Frosty pause.

I’m Bill Paxton and/or Helen Hunt unrealistically tied to plumbing by leather drive belts in that farm pump house.  The tornado is fabricated!

Other than nearly losing my semi-firm grip on reality here in Austin, things are sensational.

I acquired a job almost immediately which actually surprised the hell out of me.  I must’ve said “Oh, it can’t be that difficult to find a job!” one hundred times while sweating a machine gun magazine full of bullets in every direction while family and friends looked on in secret horror.  

I won’t say much about it other than I did find barefaced joy in naming a file “dog poop letter template” the other day.  I work right on the UT campus with a sunlight and squirrel friendly office overlooking several walks of shame per morning.  I’m only on the second story, so the clip clop of their burnished lady shoes stabbing the concrete mercilessly with every step stops me right in my tracks.  I really can’t help but study them a bit.

Last weekend I was proposed to by a heavyhearted, Bukowski type fella who literally peed in his pants a couple stools down from me.  I’m not used to being in a bar come witching hour and it’s damn near frightening.  From my perspective, women are not unlike the gasoline in Mad Max 2.

It’s been truly spectacular to reconnect with an old friend that doubles as my current roommate.  She gave me the room with the view of the Capitol Building, and that’s just one of those inane things I find myself repeating when someone asks how I like it here. 

“It’s great!  I can see the Capitol Building from my bed.  Seriously, I can lie all the way down and its nipple is still peeping at me.”

As it turns out, not many people are as dazzled by that fact.  It reminds me of the time I moved to an apartment I’d never seen before in Chicago all because it was right next door to a prosthetic leg factory.

I was finally able to bring my cat home, too, and will admit that I pulled a Britney riding a few hours with him in my lap.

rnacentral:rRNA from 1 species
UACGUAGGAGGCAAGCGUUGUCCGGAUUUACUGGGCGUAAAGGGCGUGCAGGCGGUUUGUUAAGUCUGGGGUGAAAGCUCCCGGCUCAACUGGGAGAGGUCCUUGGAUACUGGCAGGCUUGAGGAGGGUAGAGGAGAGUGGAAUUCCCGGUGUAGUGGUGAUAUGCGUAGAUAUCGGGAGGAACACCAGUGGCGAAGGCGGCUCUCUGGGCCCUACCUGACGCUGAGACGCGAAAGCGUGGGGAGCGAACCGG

I’m okay.


Sharing is caring.

I absolutely couldn’t keep this e-mail from my bio-mom to myself.

“i had a bad dream about u last night. u were about 12 years old and i found you kissing 2 boys. one had blondish brown hair and the other had dark brown hair. one was a bit older than the other too. you were all sitting next to bicycles and u just kept taking turns kissing them. then i swooped in and threatened the oldest one with statutory rape charges cuz he was over 18 and told him i had a gun and i wasnt afraid to use it. then i drug u home by ur ponytail and grounded u for life.”


Life has been on a peculiar pause here in Dallas while I recover from a depleted savings account and in one week I’ll finally be in Austin.  I’ve spent all of my time with family who’ve helped ease that stubborn cork out of my fermenting bottle of emotions.  Whether they’re all aware of that, who knows, but there’s something about my mom and dad’s respective kitchens that impregnate me with a litter of tear babies.  I’ve (conveniently) lost count of exactly how many I’ve given birth to over the past few months.

One of those evenings we were all gathered around the island at my dad’s, elbows resting while discussing what we’d like to order from the take-out menu and apparently the “I’m going to die alone!?” I was craving wasn’t in season.